The mission of NHOA is to improve the quality of care for residents living in long-term care facilities. NHOA is an independent non-profit agency funded by donations and grants. NHOA’s award-winning ombudsman program provides certified long-term care ombudsmen to advocate for residents in their home communities. Ombudsmen establish relationships with residents and families. Those relationships allow residents to feel loved and protected. Residents know they have an advocate on their side at all times.
What is an ombudsman?
Ombudsman [om-buh dz-muh n] is a Swedish word for advocate. A long-term care ombudsman is an advocate for individuals and their families that need the services of a long-term care facility.
Ombudsmen are trained to impartially investigate and resolve concerns of residents in long-term care facilities. They also provide information and refer residents to additional community resources when appropriate.
What does an ombudsman do?
1. Protects the rights of residents
2. Identifies, investigates, and works to solve problems
3. Provides regular friendly visits to residents
4. Provides information and assistance to the community
5. Monitors government actions affecting residents
6. In essence, NHOA goes to bat for residents of nursing homes, personal care homes, and family care homes.
Nursing Home Ombudsman Services
Promote and protect the individual dignity and self-determination of residents.
Abuse & Neglect
Identify, investigate and work to eliminate abuse and neglect.
Answer questions and concerns of consumers and family members when locating a long-term care facility.
Equip consumers and their families to recognize good and poor care, and suggest appropriate responses to each.
Detection and prevention of sexual assault of nursing home residents.
Annual NHOA and Long-Term Statistics:
NHOA ombudsmen visited residents in the Bluegrass 6,742 times.
In the Bluegrass there are 84 long-term care facilities and 4,732 residents.
NHOA ombudsmen identified, investigated, and worked to resolve 1,859 complaints.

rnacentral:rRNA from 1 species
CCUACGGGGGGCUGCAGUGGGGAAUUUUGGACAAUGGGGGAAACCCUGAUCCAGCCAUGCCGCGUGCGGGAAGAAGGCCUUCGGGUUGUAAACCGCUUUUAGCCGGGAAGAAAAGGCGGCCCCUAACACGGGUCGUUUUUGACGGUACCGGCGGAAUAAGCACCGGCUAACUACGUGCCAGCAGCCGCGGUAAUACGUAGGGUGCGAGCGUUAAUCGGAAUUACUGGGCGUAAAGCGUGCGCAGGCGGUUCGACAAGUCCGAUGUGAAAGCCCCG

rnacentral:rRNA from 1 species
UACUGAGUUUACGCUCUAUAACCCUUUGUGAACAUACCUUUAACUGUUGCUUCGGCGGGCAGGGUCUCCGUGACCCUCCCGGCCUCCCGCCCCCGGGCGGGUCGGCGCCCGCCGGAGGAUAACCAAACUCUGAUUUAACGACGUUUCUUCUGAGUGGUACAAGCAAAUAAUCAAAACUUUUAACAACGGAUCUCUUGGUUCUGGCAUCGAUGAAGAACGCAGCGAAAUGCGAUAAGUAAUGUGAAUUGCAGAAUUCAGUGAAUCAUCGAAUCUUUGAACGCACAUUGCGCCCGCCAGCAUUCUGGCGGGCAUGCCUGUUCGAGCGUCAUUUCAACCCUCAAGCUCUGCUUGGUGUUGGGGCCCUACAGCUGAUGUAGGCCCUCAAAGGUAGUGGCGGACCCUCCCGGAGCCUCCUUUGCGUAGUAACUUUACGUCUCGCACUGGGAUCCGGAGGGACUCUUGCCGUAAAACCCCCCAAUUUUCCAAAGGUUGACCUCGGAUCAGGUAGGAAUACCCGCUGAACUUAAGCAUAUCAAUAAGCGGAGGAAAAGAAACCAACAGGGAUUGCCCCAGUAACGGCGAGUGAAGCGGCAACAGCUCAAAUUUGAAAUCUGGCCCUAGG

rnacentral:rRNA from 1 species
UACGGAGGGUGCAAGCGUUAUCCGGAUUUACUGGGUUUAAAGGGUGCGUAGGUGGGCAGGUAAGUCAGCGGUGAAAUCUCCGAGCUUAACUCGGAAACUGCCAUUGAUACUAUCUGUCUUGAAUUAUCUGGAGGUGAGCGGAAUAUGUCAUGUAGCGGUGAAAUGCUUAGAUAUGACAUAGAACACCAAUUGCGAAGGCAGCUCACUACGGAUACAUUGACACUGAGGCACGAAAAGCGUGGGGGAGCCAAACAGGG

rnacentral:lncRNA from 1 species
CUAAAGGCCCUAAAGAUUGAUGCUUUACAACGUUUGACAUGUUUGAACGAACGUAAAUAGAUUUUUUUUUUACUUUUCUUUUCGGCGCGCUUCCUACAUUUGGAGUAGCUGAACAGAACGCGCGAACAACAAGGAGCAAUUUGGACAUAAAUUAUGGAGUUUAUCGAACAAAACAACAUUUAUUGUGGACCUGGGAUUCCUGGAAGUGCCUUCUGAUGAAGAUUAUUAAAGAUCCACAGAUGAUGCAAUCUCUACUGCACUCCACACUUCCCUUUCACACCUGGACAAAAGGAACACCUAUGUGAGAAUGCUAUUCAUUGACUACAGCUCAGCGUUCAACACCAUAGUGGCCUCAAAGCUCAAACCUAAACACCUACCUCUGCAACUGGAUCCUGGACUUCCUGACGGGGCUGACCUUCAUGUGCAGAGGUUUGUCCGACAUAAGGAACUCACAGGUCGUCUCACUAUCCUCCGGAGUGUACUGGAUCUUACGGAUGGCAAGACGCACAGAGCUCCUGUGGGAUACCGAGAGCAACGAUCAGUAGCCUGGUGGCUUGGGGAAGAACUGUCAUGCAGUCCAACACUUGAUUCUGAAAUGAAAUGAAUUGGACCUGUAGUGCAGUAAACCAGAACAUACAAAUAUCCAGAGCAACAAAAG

NHOA identified 39 complaints of abuse and neglect. Poor care, injuries, falls, failure to respond to call bells, failure to follow doctor orders, pressure ulcers, lack of care and therapies, and failure to notice a change in resident’s condition made up 35% of complaints.
NHOA serves all residents of licensed long-term care facilities. Nursing home residents are, on average, 82 years-old. In KY, 66% of these residents are recipients of Medicaid, and are therefore, by definition, low income. Women comprise 70% of residents. Approximately 12% of KY nursing home residents are under the age of 65.
NHOA helped 1,984 families with nursing facility placement, care planning, and questions about rights and abuse.
Residents in Bluegrass area long-term nursing facilities are from all across Kentucky, other states, and other countries. An alarming statistic reveals that 60% of these residents have no regular visitor except their NHOA ombudsman.
NHOA assisted with 94 Family Council Conferences and 351 Resident Council Conferences. In KY only 33% of facilities have Family Councils.
By 2020, 12 million older Americans will need long-term care.
Love is Ageless – Support Resident Advocacy
Since The Nursing Home Ombudsman Agency (NHOA) is a nonprofit organization; we rely on your financial support to continue our ongoing advocacy for long-term care residents. A $100 donation provides a year’s worth of ombudsman services for a single resident. All levels of giving are truly appreciated and help to ensure our continued efforts to make the nursing facility experience a positive one for our Bluegrass residents.
How can I make a donation to NHOA?
Check or Money Order
Please mail checks made payable to the Nursing Home Ombudsman Agency at 1530 Nicholasville Road, Lexington, KY 40503.
To make a financial donation to NHOA in cash, visit our office at 1530 Nicholasville Road.
We are able to accept credit card donations on our website at www.ombuddy.org. Look for the Donate Now button. Your payment information is 100% secure.
A planned gift is legally arranged during your lifetime. Planned gifts can be made in cash, real estate, stocks, bonds, personal property, or life insurance.
Naming NHOA as a beneficiary in your will, trust, life insurance, or retirement plan is a wonderful way to provide an enduring legacy. Through a bequest you are able to designate either a specific dollar amount or a percentage of your estate after other disbursements.
Nursing facility residents have restricted funds, yet many needs. If you would like to donate individual items for a resident, contact our office and our ombudsmen will be sure the items are given to residents with the greatest need. Residents often request clothing, toiletries, stationary, postage stamps, games, etc.